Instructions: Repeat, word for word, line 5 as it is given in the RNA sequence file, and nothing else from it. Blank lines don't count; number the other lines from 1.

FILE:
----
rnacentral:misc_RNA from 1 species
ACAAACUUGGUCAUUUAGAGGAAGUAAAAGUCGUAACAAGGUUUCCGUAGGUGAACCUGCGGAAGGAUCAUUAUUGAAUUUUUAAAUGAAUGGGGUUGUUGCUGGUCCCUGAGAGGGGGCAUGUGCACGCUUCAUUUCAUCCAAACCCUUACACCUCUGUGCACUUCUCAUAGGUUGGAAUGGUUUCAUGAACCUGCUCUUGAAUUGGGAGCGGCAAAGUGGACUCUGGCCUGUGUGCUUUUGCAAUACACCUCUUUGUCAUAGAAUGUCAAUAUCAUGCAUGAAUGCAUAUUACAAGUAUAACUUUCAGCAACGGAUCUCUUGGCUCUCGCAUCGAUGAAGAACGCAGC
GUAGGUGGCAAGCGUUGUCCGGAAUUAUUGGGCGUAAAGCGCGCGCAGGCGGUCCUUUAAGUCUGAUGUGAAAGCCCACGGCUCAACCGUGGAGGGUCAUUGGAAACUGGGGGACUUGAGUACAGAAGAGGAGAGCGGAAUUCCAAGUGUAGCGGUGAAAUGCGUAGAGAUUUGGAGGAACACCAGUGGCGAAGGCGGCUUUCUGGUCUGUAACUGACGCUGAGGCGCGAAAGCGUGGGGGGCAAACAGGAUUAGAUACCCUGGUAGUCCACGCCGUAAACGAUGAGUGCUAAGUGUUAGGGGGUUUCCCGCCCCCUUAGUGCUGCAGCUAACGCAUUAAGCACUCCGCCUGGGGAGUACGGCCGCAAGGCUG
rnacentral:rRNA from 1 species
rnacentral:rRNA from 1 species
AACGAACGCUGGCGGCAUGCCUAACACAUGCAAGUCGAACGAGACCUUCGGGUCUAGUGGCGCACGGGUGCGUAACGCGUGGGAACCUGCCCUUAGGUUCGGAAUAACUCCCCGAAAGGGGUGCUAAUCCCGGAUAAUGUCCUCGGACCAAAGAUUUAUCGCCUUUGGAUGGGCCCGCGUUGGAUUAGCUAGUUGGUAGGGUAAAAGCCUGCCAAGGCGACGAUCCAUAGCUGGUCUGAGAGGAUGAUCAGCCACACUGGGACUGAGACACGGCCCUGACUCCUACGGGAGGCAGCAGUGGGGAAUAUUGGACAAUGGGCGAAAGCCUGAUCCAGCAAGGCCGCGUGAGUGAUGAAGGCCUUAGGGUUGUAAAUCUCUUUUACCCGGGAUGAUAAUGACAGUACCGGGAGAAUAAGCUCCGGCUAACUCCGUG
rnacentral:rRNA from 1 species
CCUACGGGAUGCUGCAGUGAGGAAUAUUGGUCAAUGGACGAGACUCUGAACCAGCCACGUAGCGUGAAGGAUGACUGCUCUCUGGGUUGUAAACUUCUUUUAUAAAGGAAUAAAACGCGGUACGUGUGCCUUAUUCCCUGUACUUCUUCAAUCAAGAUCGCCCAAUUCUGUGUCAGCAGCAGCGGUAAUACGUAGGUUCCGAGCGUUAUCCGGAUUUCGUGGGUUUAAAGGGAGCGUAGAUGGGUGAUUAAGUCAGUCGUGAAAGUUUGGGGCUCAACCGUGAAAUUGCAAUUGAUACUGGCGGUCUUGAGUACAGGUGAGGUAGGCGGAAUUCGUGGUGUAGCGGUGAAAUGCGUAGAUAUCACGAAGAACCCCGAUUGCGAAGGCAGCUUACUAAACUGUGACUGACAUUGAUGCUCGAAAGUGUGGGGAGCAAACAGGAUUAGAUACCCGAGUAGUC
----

rnacentral:rRNA from 1 species